In any case, the internet is full of body scan meditations where you’re asked to observe a certain part of your body and let go of tension there. Many of us have tried these and loved how we felt later. This is pretty much the same.

Some other pointers you may find beneficial:


Merely allowing your body to give into gravity makes a lot of difference to your posture. Instead of using all this excess energy to hold yourself up in a certain position, just drop your weight and allow your body to sink into the chair while sitting, into the floor while standing and into the bed while sleeping and see how much better that feels. This would ensure that your body weight is well supported and you can unclench a lot of parts of your body that were previously tight.


Tightness anywhere in your body will affect your posture. Try this simple exercise.

Stand up and bring your attention to your feet. Take a minute to allow your body to gather itself in this position. Notice if they are carrying any tension. Now ask the feet to relax and spread out on the floor. You can think of the feet widening on to the floor and your toes getting longer. Also think of your muscles in the ankles softening and the joint loosening up. Do not actively do anything. Just think and observe what happens in response to your thinking.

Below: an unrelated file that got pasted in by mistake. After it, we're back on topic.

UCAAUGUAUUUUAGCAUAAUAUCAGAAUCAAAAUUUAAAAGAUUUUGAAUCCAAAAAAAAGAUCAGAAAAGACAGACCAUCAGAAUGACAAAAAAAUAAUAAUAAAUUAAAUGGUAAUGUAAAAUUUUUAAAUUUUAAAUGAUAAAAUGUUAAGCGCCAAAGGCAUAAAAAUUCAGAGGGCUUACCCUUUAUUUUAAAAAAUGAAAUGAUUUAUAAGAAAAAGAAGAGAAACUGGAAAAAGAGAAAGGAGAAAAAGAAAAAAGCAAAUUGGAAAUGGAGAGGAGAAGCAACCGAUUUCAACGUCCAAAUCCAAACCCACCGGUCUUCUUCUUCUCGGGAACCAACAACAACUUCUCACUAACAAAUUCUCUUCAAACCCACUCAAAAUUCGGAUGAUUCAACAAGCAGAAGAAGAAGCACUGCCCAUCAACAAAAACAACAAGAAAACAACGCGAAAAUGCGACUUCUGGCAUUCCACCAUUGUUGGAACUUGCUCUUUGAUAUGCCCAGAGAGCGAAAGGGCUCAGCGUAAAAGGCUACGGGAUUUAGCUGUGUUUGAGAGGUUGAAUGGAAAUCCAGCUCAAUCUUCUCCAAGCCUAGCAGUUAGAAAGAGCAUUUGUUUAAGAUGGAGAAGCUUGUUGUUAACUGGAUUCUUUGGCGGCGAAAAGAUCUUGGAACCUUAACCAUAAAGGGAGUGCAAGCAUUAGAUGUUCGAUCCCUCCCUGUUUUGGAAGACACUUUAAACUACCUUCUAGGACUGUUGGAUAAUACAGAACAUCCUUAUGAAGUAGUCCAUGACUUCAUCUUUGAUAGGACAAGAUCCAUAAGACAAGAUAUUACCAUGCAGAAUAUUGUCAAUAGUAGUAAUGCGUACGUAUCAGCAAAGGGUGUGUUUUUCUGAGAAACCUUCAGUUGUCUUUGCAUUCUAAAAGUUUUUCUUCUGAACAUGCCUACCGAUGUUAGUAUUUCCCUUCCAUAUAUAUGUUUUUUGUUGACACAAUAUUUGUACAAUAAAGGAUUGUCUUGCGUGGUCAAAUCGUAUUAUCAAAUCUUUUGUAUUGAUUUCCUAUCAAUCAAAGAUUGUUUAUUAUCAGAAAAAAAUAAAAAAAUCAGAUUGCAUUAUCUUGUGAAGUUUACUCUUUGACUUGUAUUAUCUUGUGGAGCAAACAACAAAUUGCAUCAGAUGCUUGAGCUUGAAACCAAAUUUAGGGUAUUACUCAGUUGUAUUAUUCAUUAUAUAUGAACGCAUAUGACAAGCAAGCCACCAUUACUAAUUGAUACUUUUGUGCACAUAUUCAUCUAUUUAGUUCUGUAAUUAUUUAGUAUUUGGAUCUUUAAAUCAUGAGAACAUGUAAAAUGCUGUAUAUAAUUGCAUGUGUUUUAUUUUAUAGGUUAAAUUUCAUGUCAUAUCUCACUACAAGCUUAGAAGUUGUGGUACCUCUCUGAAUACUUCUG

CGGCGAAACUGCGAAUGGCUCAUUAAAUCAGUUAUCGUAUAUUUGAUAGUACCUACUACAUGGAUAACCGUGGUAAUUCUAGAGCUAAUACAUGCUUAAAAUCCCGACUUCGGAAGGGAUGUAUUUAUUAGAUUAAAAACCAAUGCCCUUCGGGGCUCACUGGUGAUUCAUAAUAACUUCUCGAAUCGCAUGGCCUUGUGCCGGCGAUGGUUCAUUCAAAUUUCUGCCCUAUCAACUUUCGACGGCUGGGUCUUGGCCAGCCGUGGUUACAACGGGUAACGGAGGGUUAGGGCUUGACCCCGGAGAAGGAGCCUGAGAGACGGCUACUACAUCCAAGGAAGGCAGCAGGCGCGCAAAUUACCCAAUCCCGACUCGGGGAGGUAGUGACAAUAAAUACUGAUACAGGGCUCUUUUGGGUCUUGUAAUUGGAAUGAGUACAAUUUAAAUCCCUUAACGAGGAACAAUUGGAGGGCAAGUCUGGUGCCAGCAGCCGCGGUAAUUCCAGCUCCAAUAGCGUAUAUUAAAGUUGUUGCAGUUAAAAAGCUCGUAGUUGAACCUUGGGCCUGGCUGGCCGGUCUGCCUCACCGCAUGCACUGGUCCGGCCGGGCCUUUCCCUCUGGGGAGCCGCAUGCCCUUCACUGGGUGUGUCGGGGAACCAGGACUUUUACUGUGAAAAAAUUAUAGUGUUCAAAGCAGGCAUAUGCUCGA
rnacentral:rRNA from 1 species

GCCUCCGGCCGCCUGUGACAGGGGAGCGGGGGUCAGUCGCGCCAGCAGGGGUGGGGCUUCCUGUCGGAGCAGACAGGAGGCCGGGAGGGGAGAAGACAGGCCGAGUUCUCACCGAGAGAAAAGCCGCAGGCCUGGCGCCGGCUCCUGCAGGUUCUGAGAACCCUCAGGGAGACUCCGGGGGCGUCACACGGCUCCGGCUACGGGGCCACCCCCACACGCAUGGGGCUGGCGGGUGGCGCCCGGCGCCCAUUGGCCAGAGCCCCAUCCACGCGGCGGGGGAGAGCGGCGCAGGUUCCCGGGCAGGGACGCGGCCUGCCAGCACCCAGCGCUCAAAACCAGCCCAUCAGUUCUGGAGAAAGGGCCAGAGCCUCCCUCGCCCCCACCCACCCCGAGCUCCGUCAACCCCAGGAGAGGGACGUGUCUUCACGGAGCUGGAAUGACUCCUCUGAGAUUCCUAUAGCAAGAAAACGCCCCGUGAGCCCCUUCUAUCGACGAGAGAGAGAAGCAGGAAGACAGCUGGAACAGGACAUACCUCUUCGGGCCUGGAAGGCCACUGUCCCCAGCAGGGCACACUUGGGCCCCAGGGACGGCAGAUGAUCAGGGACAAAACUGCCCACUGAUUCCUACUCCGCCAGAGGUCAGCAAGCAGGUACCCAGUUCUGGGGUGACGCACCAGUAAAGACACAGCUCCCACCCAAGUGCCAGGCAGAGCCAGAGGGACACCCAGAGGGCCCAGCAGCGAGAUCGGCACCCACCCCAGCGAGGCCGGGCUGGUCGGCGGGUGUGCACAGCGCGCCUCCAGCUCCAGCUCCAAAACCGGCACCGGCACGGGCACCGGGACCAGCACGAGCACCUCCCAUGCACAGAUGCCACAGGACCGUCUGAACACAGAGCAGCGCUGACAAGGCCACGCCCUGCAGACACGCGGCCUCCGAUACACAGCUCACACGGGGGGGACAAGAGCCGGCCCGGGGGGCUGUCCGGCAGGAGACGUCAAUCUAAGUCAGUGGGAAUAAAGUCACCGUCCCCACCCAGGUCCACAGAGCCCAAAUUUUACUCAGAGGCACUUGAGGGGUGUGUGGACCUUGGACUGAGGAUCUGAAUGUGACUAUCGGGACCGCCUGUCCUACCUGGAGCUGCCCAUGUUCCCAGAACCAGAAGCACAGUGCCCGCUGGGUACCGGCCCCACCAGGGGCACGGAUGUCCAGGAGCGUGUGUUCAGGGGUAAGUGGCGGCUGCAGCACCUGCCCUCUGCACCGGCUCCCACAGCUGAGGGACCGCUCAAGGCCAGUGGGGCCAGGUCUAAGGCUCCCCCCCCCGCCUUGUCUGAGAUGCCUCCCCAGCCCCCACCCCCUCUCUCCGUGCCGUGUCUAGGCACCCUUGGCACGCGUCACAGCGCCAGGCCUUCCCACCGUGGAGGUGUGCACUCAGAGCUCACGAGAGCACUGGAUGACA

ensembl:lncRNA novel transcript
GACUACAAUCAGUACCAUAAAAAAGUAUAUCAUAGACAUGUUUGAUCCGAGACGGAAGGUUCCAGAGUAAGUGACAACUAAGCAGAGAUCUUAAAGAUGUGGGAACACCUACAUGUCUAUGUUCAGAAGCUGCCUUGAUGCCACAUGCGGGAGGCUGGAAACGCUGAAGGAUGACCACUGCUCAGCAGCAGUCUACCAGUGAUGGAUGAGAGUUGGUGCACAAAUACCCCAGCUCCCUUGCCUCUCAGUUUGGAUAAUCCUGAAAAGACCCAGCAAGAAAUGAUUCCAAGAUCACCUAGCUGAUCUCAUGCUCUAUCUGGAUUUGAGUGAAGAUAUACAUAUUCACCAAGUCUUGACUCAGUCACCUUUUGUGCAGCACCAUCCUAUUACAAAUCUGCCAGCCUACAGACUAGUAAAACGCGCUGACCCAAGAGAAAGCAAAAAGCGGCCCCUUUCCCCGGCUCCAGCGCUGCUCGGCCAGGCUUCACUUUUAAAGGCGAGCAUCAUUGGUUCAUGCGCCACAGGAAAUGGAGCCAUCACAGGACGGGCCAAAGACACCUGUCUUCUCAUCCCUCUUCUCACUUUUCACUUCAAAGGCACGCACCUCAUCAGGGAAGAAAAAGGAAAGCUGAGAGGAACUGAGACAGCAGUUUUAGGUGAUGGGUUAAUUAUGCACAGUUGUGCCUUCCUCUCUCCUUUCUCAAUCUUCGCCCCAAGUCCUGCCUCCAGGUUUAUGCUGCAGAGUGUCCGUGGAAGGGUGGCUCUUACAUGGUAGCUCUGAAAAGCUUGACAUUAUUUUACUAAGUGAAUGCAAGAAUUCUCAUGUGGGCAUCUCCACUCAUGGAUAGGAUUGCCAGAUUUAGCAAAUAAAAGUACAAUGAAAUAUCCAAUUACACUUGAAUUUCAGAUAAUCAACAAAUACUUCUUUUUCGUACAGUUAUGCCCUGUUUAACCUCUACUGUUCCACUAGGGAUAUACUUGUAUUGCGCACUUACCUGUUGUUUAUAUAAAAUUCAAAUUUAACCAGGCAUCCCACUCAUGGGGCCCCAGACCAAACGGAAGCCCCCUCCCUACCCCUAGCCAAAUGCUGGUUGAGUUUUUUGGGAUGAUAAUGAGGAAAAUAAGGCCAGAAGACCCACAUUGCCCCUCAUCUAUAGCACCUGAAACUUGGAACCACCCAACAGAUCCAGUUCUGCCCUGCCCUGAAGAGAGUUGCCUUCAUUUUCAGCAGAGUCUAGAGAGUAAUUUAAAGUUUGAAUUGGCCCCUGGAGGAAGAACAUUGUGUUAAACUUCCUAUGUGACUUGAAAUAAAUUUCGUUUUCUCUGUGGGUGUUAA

Merely bringing your attention to relaxing your feet will most likely alter the way your entire body aligns. You will feel a difference in how you stand. This change in alignment is felt quite deeply when you bring in other parts of your legs into the realm of your observation.


This is very important because it helps us identify what we’re doing wrong when we are within a certain position and how to fix it. It allows for directed thinking. Let’s take sitting for instance.

The sit bones are designed to handle the weight of your body when you are in a seated position. Placing the weight of your body by directly sitting on the sit bones is the best way to sit for the health of your spine. However, when most of us sit at a desk or on a chair, especially when we are slouching, we are off of the sit bones and place the weight of our entire body on the tailbone. The tailbone cannot handle this stress and the pressure is transferred to the rest of the spine, resulting in back ache.

Making a minor adjustment, i.e, shifting the weight of your body back onto the sit bones will automatically fix the alignment of your head and neck. There is no need to do anything else apart from roll your hip and move the weight back onto the sit bones and allow the rest of the body to align itself naturally in response. (Watch the video.)

(If you don’t know where the sit bones are, these are the bones you feel deep in the muscles of your buttocks when you sit. If you can’t feel them when you sit, you can try to feel for them with your hands. If even that doesn’t work, then just look at this picture for reference and visualise them the next time you sit. )

Posture is a rather exhaustive subject and I haven’t even skimmed the surface yet. I haven’t for instance, touched upon the profound connection between breathing and posture but I intend to do so in subsequent posts. Until then, I hope you’ve found this article insightful. Leave your comments and share!!